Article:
Hector and Achilles – Two Examples of Heroic Code
Warring forces: Achilles and Hector
“They ran beside these, one escaping, the other after him. It was a great man who fled, but far better he who pursued him.” (22.158-161) Achilles and Hector, the two great warriors of the Iliad were both very similar by being the heroes of their own story, each displaying traits that directly opposed another while also complementing each other. Achilles and Hector both were moral examples of the heroic code by displaying attributes such as pride, humanity, and heroism; however, only Hector exemplifies these traits in a way that proved him the true hero of the Iliad.
Pride is a common trait that many Trojans and Achaeans alike share, but its most significant impact lies on the fates of both Hector and Achilles themselves. Achilles’ pride, which gives him great strength also binds him. Achilles’ pride is wounded once Agamemnon takes Briseis away from him, and this causes him to withdraw from the war as well as ask his mother to persuade Zeus to “Hem the Greeks in between the fleet and the sea.” (Homer 1. 426) Achilles asks this hoping that people lose faith in Agamemnon so that he can have his petty revenge. This decision, however, takes many lives from the Greeks including Patroclus himself, Achilles’ best friend. Hector’s pride is what drives him to partake in the war, but also what ultimately takes him from his family. Hector’s pride is based on duty and others’ opinion of him and this can be seen when he reluctantly leaves his family for the war, all while saying, “I would die of shame to face the men of Troy/ And the Trojan women trailing their long robes /If I would shrink from battle now, a coward.” (Homer 6. 523-525) By this Hector means that despite his wishes, it is his pride that inhibits him from indulging himself and his family and is what propels him to battle. While pride both inhibits and strengthens both heroes of the Iliad, it is Achilles that is burdened the most by it and, Hector that is most liberated by it.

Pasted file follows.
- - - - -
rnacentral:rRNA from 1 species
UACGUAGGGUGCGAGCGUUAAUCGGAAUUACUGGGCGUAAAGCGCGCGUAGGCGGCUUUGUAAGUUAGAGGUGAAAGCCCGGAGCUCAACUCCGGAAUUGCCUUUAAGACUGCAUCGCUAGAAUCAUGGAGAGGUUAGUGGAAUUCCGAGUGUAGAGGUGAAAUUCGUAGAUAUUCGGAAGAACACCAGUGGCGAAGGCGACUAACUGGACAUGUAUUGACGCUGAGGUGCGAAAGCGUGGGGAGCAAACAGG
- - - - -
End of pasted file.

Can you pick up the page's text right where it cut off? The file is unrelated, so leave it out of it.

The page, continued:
Humanity is a sparse quality to spot in a war setting, but the two heroes of the Iliad manage to possess it nonetheless. Achilles fights for glory and honor and to conquer. It is in numerous instances that Achilles is shown without a shred of humanity such as; when he mercilessly killed Laomedon who had just escaped slavery, of which Achilles himself had sold him into, or even when Briseis describes him killing her husband in front of her. Furthermore, the act that lacks the most significant amount of humanity is when Achilles drags Hector’s corpse face down by his ankles behind Achilles’ chariot for all of Ilion to see. However, one must remember that this act was inspired by the love Achilles had for Patroclus. By the humanity Achilles showed in mourning Patroclus’ death and crying for him when he laments, “My friend is dead/ Patroclus, my dearest friend of all. I loved him/ And I killed him” (Homer 18. 84-86) There is also great kindness Achilles shows in the act of politely returning Hector’s body to Priam. Hector’s humanity is shown through how he fights for his people; to protect them and maintain peace. Although, it is a little contradictory how Hector’s humanity propels him to fight to protect his loved ones even when it means leaving them behind. A crucial scene is when Hector visits his child while he is clad in battle armor. When Astyanax screams out in fright he understands his child immediately and takes off his helmet, prompting Astyanax to laugh in delight. This is important because; although, simply a child, the near-infant recognizes his father in an instant as the kind caring man who makes Astyanax feel secure in his presence, thus showing Hector’s gentle nature and unquestionable humanity. Achilles and Hector are no doubt not without their flaws, but the presence of their inherent humanity helps to balance their shortcomings; however, it is Hector that proves to be the more humane of the two, with an overwhelming portfolio of kind acts when addressed relatively to that of Achilles’.